And yes, add rub on all exposed sides of the bird. You can also lift the skin of the breast and insert whole basil leaves or crushed garlic or whatever.

I saved the best tip for last, the half-lemon won't work on a Cornish hen, but if you put 3/8" thick lemon slices under the breast skin, they will give you another level of flavor. I find it very enjoyable. If you put a dollop of compound butter, or garlic butter under the skin it self bastes during cooking.
wOWHC.jpg
 

forktender

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I took mine to 175 and after a 15min rest they were 180
Jake, weren't they way over done @180* or was that a miss print ?
I take mine to 160* and rest them in the oven set to the lowest temp for 10-15 minutes until they reach an internal temp of 165*.
 

Wurstmeister

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I took mine to 175 and after a 15min rest they were 180
Great meal idea & plan. TNJAKE.🍻
 

TNJAKE

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Jake, weren't they way over done @180* or was that a miss print ?
I take mine to 160* and rest them in the oven set to the lowest temp for 10-15 minutes until they reach an internal temp of 165*.
A partial miss print lol. Dark meat was 180 after rest. Breasts 165-170. I also forgot to add in my thread this were injected with cajun butter
 

forktender

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I like to brine all poultry and I use a couple of commercial mixes, but my Lite Flavor Brine recipe is:
1 quart of water
0.875 ounces of salt (7/8 of an ounce)
1 teaspoon (minimum) of brown sugar, maple sugar, or white sugar
Seasonings like pepper, garlic powder, sage, lemon slices, orange slices, onion slices, fresh herbs, Old Bay, etc. are optional. A few ounces of flavored vinegar, wine, apple juice or even beer can be added as well.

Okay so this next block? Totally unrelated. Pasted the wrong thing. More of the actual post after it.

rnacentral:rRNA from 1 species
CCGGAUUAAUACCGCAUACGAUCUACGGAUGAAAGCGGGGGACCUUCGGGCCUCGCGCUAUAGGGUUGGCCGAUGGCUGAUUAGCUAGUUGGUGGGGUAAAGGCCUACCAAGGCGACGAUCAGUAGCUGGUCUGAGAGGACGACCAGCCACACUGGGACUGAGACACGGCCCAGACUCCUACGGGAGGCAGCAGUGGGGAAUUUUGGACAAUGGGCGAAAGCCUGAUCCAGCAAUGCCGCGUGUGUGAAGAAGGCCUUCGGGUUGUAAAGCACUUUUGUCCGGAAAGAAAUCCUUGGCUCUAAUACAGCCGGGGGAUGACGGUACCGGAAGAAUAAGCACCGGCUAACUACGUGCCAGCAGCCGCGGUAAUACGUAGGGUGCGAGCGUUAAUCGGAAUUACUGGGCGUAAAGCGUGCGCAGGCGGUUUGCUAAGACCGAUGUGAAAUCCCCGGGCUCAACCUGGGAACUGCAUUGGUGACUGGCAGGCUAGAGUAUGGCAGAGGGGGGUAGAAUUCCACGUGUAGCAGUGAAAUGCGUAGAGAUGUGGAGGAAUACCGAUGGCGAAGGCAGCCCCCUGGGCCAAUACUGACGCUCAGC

It's harder than you think to keep the breast at 165° and still get the leg/thigh to 185°. But the good news is.... brining will keep breast moist enough you could overshoot the 165° by a few degrees. And Cornish hen's are a little different than a chicken. Spatchcocking or splitting in half on the axis might give you more cooking control but you still have dark meat right next to white meat. I solve that problem by halfcocking my poultry to give me a dark half and a white half. I simply pull each half when they are perfectly done. Mouse over the photo, and click to supersize.
View attachment 487769

225° is great for getting smoky flavor, but the skin will suffer and could get rubbery. After brining I prefer to poke holes in the skin, and air dry for at least 12 hours, but 24 hours is better.... I do this on a rack in the fridge.

I might add a spray of olive oil after the bird warms up on the pit. Melted butter, or a basting liquid with some oil, or Italian dressing works too. These were basted in melted lard of all things and the skin was awesome.
View attachment 487770

Wood is kind of a personal choice and many say poultry is sensitive to strong woods like hickory. I haven't had an issue with any wood other than mesquite.

I use a water 'can' in my drum sometimes, it's for humidity more than making a flavor.

And yes, add rub on all exposed sides of the bird. You can also lift the skin of the breast and insert whole basil leaves or crushed garlic or whatever.

I saved the best tip for last, the half-lemon won't work on a Cornish hen, but if you put 3/8" thick lemon slices under the breast skin, they will give you another level of flavor. I find it very enjoyable. If you put a dollop of compound butter, or garlic butter under the skin it self bastes during cooking.
View attachment 487771
My wife freaked out the first time I pulled the lemon trick on a chicken.
I made sure she saw the birds go into the smoker without the lemons installed than snuck them in when she went into the house. I thought she was going to choke when I brought the birds into the house when they were done. We had some guests over from church, that's just my personality though everyone got a good laugh and loved the chicken.:emoji_laughing::emoji_laughing::emoji_thumbsup:
 

forktender

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A partial miss print lol. Dark meat was 180 after rest. Breasts 165-170. I also forgot to add in my thread this were injected with cajun butter
Nice, I love those little buggers......I never worry about the thigh temp I just make sure the thighs are facing the heat source during the smoke or closet to the oven wall during the cook. They are always done when the breast reaches 165* in my experience.
 

Ty520

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Thanks everyone for the great input!